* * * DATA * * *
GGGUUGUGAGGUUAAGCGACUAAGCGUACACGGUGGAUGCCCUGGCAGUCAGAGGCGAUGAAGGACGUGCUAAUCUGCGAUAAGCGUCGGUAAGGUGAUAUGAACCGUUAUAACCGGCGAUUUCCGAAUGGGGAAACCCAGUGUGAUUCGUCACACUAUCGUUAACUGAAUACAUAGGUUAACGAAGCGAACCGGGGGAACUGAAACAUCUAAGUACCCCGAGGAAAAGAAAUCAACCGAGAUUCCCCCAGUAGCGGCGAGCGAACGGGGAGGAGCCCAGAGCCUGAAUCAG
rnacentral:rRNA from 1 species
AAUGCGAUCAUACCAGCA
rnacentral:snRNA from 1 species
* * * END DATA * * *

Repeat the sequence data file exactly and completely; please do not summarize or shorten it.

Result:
GGGUUGUGAGGUUAAGCGACUAAGCGUACACGGUGGAUGCCCUGGCAGUCAGAGGCGAUGAAGGACGUGCUAAUCUGCGAUAAGCGUCGGUAAGGUGAUAUGAACCGUUAUAACCGGCGAUUUCCGAAUGGGGAAACCCAGUGUGAUUCGUCACACUAUCGUUAACUGAAUACAUAGGUUAACGAAGCGAACCGGGGGAACUGAAACAUCUAAGUACCCCGAGGAAAAGAAAUCAACCGAGAUUCCCCCAGUAGCGGCGAGCGAACGGGGAGGAGCCCAGAGCCUGAAUCAG
rnacentral:rRNA from 1 species
AAUGCGAUCAUACCAGCA
rnacentral:snRNA from 1 species